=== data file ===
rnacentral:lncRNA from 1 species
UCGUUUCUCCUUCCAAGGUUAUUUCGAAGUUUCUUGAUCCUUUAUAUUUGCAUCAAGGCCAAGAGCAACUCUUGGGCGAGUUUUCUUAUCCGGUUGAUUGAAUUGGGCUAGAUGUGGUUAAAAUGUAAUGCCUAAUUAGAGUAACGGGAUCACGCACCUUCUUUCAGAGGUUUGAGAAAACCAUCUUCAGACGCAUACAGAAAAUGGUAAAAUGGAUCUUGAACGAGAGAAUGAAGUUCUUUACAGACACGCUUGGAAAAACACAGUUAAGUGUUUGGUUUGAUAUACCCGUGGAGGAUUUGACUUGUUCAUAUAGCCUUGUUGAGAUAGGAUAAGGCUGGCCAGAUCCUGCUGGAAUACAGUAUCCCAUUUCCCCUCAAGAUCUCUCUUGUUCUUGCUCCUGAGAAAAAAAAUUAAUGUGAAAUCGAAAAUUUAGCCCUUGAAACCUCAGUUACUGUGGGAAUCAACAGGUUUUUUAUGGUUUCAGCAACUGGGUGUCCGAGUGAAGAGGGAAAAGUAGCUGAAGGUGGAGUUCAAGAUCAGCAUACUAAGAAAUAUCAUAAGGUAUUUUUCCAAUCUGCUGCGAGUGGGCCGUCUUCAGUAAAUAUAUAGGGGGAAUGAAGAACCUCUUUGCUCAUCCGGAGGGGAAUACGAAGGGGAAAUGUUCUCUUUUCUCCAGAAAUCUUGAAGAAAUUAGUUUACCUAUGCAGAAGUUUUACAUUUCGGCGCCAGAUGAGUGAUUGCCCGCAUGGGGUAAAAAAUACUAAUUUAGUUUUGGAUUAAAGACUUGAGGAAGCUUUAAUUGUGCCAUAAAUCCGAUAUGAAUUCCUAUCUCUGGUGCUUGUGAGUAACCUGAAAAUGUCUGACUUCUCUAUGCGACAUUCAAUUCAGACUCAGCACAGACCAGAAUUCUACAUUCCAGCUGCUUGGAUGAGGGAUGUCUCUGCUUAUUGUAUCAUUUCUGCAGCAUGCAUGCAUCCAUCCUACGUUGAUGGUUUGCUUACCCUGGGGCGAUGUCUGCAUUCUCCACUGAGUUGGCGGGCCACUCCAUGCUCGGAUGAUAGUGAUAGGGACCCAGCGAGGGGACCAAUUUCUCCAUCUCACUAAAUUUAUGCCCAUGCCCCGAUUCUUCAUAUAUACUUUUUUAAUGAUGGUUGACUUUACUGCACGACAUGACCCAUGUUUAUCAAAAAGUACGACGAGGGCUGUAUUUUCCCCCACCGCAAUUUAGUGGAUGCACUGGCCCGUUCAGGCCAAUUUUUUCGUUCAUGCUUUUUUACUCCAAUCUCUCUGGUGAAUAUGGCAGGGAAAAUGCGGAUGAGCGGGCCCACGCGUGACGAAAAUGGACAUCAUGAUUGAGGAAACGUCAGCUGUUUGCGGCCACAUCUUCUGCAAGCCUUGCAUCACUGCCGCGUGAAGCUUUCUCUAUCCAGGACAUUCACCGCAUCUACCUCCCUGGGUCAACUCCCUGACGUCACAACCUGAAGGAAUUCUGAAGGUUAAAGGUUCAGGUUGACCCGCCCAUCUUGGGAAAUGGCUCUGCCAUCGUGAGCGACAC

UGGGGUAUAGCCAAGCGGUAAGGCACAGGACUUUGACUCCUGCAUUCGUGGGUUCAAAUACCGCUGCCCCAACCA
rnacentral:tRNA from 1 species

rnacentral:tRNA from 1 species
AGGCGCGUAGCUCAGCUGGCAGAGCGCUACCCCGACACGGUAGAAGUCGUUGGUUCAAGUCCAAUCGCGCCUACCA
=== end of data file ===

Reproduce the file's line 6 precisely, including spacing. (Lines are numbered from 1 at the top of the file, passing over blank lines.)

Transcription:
AGGCGCGUAGCUCAGCUGGCAGAGCGCUACCCCGACACGGUAGAAGUCGUUGGUUCAAGUCCAAUCGCGCCUACCA